Tom Goes to the Mayor: The Complete Series
It's a small triumph that this short-lived, much-loved [adult swim] series is coming to DVD, but it's a minor miracle that it's all going to be on one three disc collection. If you missed Tom's original run, it was a strangely animated and even stranger written show, that was always bizarre and hilarious. Its crude underground origins are similar to South Park's, and I hope it enjoys more popularity on DVD.

Night of the Comet/Solarbabies
Just announced from MGM, a pair of 80s scifi movies that had long languished in the Night of the Creeps/Monster Squad level of digital non-existance. I'm very familiar with Solarbabies, one of those movies that you could always count on HBO to show way too many times in the late 80s. Combining a little of a Mad Max-like apocalypse future with teen angst and some roller skates -- 'Solarbabies' is pure magic. I've seen bits and pieces of 'Night of the Comet' -- a tale of valley girls trying to save the world after a large scale disaster, and it'll be tough to keep me away from this one.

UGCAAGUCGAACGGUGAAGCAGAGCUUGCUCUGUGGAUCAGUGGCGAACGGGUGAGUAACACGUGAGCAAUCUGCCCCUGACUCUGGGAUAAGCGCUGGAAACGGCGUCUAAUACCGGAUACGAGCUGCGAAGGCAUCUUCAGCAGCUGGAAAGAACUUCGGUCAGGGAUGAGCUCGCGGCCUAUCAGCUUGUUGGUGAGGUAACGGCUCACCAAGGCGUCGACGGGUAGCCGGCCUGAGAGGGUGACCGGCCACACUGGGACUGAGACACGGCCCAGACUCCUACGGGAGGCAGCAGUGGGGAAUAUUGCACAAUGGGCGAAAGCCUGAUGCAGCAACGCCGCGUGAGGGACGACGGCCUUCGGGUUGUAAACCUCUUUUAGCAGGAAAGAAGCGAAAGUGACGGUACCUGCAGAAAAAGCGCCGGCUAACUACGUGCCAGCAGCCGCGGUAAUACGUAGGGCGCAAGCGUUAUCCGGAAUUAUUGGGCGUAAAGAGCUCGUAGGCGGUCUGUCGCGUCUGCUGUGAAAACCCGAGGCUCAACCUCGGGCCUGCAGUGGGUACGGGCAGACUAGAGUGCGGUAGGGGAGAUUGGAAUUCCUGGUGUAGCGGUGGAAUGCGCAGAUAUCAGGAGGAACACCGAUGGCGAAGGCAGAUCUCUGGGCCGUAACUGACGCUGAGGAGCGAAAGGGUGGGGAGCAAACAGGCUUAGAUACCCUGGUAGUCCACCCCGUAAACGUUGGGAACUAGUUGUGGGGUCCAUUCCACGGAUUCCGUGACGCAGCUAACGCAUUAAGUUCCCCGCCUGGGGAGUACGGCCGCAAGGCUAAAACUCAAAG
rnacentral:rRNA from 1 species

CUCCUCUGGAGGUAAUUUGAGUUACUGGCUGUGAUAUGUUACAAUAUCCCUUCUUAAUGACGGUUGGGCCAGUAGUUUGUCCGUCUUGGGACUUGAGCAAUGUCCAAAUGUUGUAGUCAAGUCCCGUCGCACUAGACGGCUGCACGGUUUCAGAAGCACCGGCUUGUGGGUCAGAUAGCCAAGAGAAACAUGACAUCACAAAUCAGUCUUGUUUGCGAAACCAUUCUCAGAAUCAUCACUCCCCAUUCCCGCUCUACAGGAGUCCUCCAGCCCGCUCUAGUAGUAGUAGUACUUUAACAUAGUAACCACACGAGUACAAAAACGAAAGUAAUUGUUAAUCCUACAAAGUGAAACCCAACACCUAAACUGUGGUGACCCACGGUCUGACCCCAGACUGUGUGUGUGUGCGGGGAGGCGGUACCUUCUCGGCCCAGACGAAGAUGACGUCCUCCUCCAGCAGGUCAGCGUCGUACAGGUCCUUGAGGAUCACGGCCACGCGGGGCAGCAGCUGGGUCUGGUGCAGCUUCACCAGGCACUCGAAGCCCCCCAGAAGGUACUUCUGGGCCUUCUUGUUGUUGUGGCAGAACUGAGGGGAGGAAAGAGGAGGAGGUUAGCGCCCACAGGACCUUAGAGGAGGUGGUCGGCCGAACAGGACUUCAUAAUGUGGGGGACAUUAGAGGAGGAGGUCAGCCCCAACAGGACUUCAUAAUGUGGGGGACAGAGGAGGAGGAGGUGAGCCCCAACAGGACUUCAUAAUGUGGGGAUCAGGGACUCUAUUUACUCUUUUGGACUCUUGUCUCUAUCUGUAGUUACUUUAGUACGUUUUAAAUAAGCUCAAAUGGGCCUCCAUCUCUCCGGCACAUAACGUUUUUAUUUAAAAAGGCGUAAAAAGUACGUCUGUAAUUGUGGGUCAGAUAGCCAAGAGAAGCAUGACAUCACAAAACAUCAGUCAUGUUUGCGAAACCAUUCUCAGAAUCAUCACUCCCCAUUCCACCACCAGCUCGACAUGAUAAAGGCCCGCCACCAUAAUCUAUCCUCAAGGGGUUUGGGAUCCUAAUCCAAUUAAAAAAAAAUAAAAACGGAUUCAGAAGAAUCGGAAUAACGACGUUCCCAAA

Criterion's Eclipse series

A very exciting announcement from Criterion has been their decision to start a new line devoted to forgotten/cult films, which will be offered at an affordable (around $15) price. The only movies on the Eclipse line so far is a collection of Ingmar Bergman's earliest efforts, but you know there's going to be an announcement or two down the road that will really blow your socks off.